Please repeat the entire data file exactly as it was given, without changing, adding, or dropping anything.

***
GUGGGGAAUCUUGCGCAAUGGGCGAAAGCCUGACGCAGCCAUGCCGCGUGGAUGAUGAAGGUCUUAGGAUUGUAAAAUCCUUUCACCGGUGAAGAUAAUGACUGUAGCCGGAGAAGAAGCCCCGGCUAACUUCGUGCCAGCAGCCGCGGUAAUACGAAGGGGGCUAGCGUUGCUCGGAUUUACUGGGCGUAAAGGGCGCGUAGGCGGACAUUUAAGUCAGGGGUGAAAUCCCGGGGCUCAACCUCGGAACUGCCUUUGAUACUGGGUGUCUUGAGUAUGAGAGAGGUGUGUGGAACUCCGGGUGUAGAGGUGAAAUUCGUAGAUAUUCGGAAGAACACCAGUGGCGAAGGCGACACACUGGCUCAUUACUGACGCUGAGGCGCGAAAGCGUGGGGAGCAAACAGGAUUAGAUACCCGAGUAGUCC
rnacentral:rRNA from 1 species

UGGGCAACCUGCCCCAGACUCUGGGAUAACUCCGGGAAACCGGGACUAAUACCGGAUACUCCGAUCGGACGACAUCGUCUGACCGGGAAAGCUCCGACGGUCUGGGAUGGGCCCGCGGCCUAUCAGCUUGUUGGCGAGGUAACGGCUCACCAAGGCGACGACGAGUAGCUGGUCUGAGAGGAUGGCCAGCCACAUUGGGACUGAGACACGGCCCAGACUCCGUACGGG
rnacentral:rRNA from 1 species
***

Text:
GUGGGGAAUCUUGCGCAAUGGGCGAAAGCCUGACGCAGCCAUGCCGCGUGGAUGAUGAAGGUCUUAGGAUUGUAAAAUCCUUUCACCGGUGAAGAUAAUGACUGUAGCCGGAGAAGAAGCCCCGGCUAACUUCGUGCCAGCAGCCGCGGUAAUACGAAGGGGGCUAGCGUUGCUCGGAUUUACUGGGCGUAAAGGGCGCGUAGGCGGACAUUUAAGUCAGGGGUGAAAUCCCGGGGCUCAACCUCGGAACUGCCUUUGAUACUGGGUGUCUUGAGUAUGAGAGAGGUGUGUGGAACUCCGGGUGUAGAGGUGAAAUUCGUAGAUAUUCGGAAGAACACCAGUGGCGAAGGCGACACACUGGCUCAUUACUGACGCUGAGGCGCGAAAGCGUGGGGAGCAAACAGGAUUAGAUACCCGAGUAGUCC
rnacentral:rRNA from 1 species

UGGGCAACCUGCCCCAGACUCUGGGAUAACUCCGGGAAACCGGGACUAAUACCGGAUACUCCGAUCGGACGACAUCGUCUGACCGGGAAAGCUCCGACGGUCUGGGAUGGGCCCGCGGCCUAUCAGCUUGUUGGCGAGGUAACGGCUCACCAAGGCGACGACGAGUAGCUGGUCUGAGAGGAUGGCCAGCCACAUUGGGACUGAGACACGGCCCAGACUCCGUACGGG
rnacentral:rRNA from 1 species